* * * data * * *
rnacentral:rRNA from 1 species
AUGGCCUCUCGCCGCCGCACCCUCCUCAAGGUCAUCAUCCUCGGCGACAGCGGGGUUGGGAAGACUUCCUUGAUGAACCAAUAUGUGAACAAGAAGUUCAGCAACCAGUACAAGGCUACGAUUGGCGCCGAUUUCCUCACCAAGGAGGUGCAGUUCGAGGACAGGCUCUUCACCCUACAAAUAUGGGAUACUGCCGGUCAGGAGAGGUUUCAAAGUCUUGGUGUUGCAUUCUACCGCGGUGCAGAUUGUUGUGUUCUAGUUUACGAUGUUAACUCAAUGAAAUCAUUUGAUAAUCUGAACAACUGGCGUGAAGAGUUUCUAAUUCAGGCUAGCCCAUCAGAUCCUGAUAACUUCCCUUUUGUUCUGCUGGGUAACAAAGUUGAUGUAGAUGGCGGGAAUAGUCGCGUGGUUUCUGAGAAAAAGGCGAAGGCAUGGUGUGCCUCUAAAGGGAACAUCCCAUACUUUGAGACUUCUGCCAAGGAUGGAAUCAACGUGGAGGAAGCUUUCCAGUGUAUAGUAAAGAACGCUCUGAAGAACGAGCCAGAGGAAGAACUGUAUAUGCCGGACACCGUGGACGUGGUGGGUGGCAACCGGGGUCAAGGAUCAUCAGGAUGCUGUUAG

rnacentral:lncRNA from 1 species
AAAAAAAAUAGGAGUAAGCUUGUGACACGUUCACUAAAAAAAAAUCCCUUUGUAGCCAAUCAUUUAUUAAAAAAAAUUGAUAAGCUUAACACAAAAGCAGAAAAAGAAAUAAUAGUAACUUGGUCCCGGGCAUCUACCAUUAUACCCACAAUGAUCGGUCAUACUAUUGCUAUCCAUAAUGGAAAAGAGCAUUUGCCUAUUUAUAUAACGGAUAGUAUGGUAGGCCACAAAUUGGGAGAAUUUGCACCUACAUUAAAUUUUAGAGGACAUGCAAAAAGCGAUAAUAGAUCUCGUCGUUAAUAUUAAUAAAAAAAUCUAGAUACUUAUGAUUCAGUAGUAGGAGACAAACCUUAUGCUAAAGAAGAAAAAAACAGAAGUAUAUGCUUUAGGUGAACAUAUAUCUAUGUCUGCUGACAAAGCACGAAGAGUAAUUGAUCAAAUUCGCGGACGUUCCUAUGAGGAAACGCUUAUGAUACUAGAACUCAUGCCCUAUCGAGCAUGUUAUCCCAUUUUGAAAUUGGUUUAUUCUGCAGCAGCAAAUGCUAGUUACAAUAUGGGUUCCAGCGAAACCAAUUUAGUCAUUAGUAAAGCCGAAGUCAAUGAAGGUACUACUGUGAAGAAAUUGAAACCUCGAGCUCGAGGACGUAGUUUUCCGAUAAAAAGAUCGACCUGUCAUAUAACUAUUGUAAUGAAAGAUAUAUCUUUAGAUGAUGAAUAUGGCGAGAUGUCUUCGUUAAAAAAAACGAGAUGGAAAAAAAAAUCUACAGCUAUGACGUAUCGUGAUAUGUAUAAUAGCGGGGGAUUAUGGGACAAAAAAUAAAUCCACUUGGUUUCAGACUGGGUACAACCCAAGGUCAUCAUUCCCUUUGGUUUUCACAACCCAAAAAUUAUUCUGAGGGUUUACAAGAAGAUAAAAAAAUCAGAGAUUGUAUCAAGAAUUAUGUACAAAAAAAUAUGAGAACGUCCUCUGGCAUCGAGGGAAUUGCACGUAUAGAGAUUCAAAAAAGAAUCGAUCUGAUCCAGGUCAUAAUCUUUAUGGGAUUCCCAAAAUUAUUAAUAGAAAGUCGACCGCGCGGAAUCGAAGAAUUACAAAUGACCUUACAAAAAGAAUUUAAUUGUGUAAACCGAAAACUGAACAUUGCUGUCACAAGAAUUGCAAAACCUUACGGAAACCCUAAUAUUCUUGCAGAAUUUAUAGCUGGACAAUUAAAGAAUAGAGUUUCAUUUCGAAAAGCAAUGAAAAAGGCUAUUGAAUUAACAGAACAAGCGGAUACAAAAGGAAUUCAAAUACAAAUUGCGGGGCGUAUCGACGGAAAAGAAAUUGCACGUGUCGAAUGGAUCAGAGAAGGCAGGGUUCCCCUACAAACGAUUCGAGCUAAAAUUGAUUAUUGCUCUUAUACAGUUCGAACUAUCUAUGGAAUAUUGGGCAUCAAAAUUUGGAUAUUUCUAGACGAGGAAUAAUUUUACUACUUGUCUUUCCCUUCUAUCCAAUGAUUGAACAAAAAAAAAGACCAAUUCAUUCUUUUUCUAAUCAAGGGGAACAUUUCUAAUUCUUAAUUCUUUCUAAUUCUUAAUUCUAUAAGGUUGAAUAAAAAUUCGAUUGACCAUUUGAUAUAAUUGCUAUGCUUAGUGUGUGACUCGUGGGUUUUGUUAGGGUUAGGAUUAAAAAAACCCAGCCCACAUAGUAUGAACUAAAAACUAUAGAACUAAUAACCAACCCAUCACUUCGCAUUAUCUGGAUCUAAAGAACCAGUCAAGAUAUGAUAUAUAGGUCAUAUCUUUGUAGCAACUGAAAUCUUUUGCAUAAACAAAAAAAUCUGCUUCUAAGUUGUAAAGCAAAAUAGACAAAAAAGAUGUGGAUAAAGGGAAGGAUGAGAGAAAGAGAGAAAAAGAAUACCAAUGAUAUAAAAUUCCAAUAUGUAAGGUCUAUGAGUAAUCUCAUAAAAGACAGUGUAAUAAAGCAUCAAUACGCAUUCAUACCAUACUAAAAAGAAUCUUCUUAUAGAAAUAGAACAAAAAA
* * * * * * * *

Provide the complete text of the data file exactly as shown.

rnacentral:rRNA from 1 species
AUGGCCUCUCGCCGCCGCACCCUCCUCAAGGUCAUCAUCCUCGGCGACAGCGGGGUUGGGAAGACUUCCUUGAUGAACCAAUAUGUGAACAAGAAGUUCAGCAACCAGUACAAGGCUACGAUUGGCGCCGAUUUCCUCACCAAGGAGGUGCAGUUCGAGGACAGGCUCUUCACCCUACAAAUAUGGGAUACUGCCGGUCAGGAGAGGUUUCAAAGUCUUGGUGUUGCAUUCUACCGCGGUGCAGAUUGUUGUGUUCUAGUUUACGAUGUUAACUCAAUGAAAUCAUUUGAUAAUCUGAACAACUGGCGUGAAGAGUUUCUAAUUCAGGCUAGCCCAUCAGAUCCUGAUAACUUCCCUUUUGUUCUGCUGGGUAACAAAGUUGAUGUAGAUGGCGGGAAUAGUCGCGUGGUUUCUGAGAAAAAGGCGAAGGCAUGGUGUGCCUCUAAAGGGAACAUCCCAUACUUUGAGACUUCUGCCAAGGAUGGAAUCAACGUGGAGGAAGCUUUCCAGUGUAUAGUAAAGAACGCUCUGAAGAACGAGCCAGAGGAAGAACUGUAUAUGCCGGACACCGUGGACGUGGUGGGUGGCAACCGGGGUCAAGGAUCAUCAGGAUGCUGUUAG

rnacentral:lncRNA from 1 species
AAAAAAAAUAGGAGUAAGCUUGUGACACGUUCACUAAAAAAAAAUCCCUUUGUAGCCAAUCAUUUAUUAAAAAAAAUUGAUAAGCUUAACACAAAAGCAGAAAAAGAAAUAAUAGUAACUUGGUCCCGGGCAUCUACCAUUAUACCCACAAUGAUCGGUCAUACUAUUGCUAUCCAUAAUGGAAAAGAGCAUUUGCCUAUUUAUAUAACGGAUAGUAUGGUAGGCCACAAAUUGGGAGAAUUUGCACCUACAUUAAAUUUUAGAGGACAUGCAAAAAGCGAUAAUAGAUCUCGUCGUUAAUAUUAAUAAAAAAAUCUAGAUACUUAUGAUUCAGUAGUAGGAGACAAACCUUAUGCUAAAGAAGAAAAAAACAGAAGUAUAUGCUUUAGGUGAACAUAUAUCUAUGUCUGCUGACAAAGCACGAAGAGUAAUUGAUCAAAUUCGCGGACGUUCCUAUGAGGAAACGCUUAUGAUACUAGAACUCAUGCCCUAUCGAGCAUGUUAUCCCAUUUUGAAAUUGGUUUAUUCUGCAGCAGCAAAUGCUAGUUACAAUAUGGGUUCCAGCGAAACCAAUUUAGUCAUUAGUAAAGCCGAAGUCAAUGAAGGUACUACUGUGAAGAAAUUGAAACCUCGAGCUCGAGGACGUAGUUUUCCGAUAAAAAGAUCGACCUGUCAUAUAACUAUUGUAAUGAAAGAUAUAUCUUUAGAUGAUGAAUAUGGCGAGAUGUCUUCGUUAAAAAAAACGAGAUGGAAAAAAAAAUCUACAGCUAUGACGUAUCGUGAUAUGUAUAAUAGCGGGGGAUUAUGGGACAAAAAAUAAAUCCACUUGGUUUCAGACUGGGUACAACCCAAGGUCAUCAUUCCCUUUGGUUUUCACAACCCAAAAAUUAUUCUGAGGGUUUACAAGAAGAUAAAAAAAUCAGAGAUUGUAUCAAGAAUUAUGUACAAAAAAAUAUGAGAACGUCCUCUGGCAUCGAGGGAAUUGCACGUAUAGAGAUUCAAAAAAGAAUCGAUCUGAUCCAGGUCAUAAUCUUUAUGGGAUUCCCAAAAUUAUUAAUAGAAAGUCGACCGCGCGGAAUCGAAGAAUUACAAAUGACCUUACAAAAAGAAUUUAAUUGUGUAAACCGAAAACUGAACAUUGCUGUCACAAGAAUUGCAAAACCUUACGGAAACCCUAAUAUUCUUGCAGAAUUUAUAGCUGGACAAUUAAAGAAUAGAGUUUCAUUUCGAAAAGCAAUGAAAAAGGCUAUUGAAUUAACAGAACAAGCGGAUACAAAAGGAAUUCAAAUACAAAUUGCGGGGCGUAUCGACGGAAAAGAAAUUGCACGUGUCGAAUGGAUCAGAGAAGGCAGGGUUCCCCUACAAACGAUUCGAGCUAAAAUUGAUUAUUGCUCUUAUACAGUUCGAACUAUCUAUGGAAUAUUGGGCAUCAAAAUUUGGAUAUUUCUAGACGAGGAAUAAUUUUACUACUUGUCUUUCCCUUCUAUCCAAUGAUUGAACAAAAAAAAAGACCAAUUCAUUCUUUUUCUAAUCAAGGGGAACAUUUCUAAUUCUUAAUUCUUUCUAAUUCUUAAUUCUAUAAGGUUGAAUAAAAAUUCGAUUGACCAUUUGAUAUAAUUGCUAUGCUUAGUGUGUGACUCGUGGGUUUUGUUAGGGUUAGGAUUAAAAAAACCCAGCCCACAUAGUAUGAACUAAAAACUAUAGAACUAAUAACCAACCCAUCACUUCGCAUUAUCUGGAUCUAAAGAACCAGUCAAGAUAUGAUAUAUAGGUCAUAUCUUUGUAGCAACUGAAAUCUUUUGCAUAAACAAAAAAAUCUGCUUCUAAGUUGUAAAGCAAAAUAGACAAAAAAGAUGUGGAUAAAGGGAAGGAUGAGAGAAAGAGAGAAAAAGAAUACCAAUGAUAUAAAAUUCCAAUAUGUAAGGUCUAUGAGUAAUCUCAUAAAAGACAGUGUAAUAAAGCAUCAAUACGCAUUCAUACCAUACUAAAAAGAAUCUUCUUAUAGAAAUAGAACAAAAAA